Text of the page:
This fall the Maryland Institute College of art welcomes students and community member with the opening of its new residential building Leake Hall and the newly renovated Latrobe house and Founders Green, which was formerly known as the Commons. The new complex includes 62 new apartments, a tiered lecture hall, a grille style restaurant, multifunctional performance space, and two new living/learning communities focused on performing arts and health/wellness.

In Seventeen months the residential complex was built to provide a larger capacity for on campus housing to the student body, 80% of which comes to MICA from out of state, while paying tribute to MICAs pivotal leaders. The complex equips students with an “ambiance that allows them to live in a way they want to” says MICA president Fred Lazarus. The apartments are designed to be practical and adaptable to student life with interior bike racks, convertible seating cubes, beds that can be modified into lofts, and ten foot hallways to facilitate carrying large artwork. “The design and the decoration are separate,” Says Brad Weesner the interior designer for Leake Hall, continuing that the design allows for “student art work (to be) the decoration.”


However, what is perhaps most exciting about the project is how is is building MICAs relationship with the surrounding community. “We have gone a long way to bring the neighborhood into the design process,” says Dan Gilbert manager of construction services, “We thought about exterior materials and the neighborhood architecture and asked how can we actively try to make (the area) better?” The design team of architects, interior designers, and landscapers worked with Bolton Hill community groups to transform what had previously been a dark and underutilized parking area. Chris Harvey, the architect of Leake Hall, spoke about how from input from community meetings the design of the building aimed to put more “life on North Avenue,” by bringing attention from Station North “east and west, crossing the barrier of I- 83.” The design team hopes this will bring more pedestrian traffic to the area. “It transforms the way people think,” says Mike Molla, MICA vice president of operations, “you can see students, and student life on the street which makes a much more exciting place and positive pedestrian experience- not an express way feeling.”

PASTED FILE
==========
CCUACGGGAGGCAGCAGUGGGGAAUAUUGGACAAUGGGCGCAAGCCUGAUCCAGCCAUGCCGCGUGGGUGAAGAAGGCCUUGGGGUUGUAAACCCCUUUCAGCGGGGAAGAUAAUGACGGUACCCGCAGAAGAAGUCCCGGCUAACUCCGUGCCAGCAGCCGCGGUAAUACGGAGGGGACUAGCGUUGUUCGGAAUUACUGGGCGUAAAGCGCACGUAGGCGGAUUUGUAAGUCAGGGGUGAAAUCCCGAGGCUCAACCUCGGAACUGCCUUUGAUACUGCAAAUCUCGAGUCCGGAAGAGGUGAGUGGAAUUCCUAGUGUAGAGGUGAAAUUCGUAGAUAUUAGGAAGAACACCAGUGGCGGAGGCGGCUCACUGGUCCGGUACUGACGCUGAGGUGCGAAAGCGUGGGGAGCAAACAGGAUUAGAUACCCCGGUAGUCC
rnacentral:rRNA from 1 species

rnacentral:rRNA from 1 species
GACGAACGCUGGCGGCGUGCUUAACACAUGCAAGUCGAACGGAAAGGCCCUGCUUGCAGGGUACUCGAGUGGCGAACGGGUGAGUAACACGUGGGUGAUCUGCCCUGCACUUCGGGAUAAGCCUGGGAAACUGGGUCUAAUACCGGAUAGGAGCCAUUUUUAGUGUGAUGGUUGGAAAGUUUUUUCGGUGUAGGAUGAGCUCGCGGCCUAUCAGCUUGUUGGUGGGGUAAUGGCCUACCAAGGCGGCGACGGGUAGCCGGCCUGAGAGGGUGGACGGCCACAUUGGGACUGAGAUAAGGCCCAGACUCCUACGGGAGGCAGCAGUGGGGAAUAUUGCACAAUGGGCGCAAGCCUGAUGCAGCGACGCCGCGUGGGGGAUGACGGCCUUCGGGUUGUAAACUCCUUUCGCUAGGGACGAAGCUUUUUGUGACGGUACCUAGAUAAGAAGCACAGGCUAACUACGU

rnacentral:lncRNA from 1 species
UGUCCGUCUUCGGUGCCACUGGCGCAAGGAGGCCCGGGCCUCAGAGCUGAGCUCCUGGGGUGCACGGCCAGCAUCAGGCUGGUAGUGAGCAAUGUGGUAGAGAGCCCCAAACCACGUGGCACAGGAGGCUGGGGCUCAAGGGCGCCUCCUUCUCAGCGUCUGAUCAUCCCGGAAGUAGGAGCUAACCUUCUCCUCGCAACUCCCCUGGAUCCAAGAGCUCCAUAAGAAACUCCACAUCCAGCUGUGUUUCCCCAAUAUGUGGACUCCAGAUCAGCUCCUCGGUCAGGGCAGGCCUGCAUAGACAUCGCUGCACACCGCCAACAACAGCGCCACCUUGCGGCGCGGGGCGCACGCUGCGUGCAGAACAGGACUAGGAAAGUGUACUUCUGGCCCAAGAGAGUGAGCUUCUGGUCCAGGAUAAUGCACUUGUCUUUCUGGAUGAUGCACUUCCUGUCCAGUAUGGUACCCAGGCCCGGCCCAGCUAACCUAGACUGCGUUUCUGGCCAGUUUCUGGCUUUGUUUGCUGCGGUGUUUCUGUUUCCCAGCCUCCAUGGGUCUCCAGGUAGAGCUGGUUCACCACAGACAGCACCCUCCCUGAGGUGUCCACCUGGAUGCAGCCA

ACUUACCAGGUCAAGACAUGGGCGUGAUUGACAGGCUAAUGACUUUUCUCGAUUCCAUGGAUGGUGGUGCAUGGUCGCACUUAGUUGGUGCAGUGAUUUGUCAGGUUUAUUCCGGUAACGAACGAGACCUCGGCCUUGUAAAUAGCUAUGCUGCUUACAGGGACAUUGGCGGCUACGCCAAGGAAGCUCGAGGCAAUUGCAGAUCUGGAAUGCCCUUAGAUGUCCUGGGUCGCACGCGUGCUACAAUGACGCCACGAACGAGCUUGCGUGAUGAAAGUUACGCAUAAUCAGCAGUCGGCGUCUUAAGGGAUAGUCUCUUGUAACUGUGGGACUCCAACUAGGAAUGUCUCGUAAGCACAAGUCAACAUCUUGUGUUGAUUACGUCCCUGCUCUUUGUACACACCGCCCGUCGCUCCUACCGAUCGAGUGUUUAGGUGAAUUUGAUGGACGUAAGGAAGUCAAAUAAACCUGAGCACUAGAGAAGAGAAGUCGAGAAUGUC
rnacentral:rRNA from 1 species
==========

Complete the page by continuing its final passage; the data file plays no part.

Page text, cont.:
MICA is now offers nearly 1,000 beds for on campus housing for the fall term.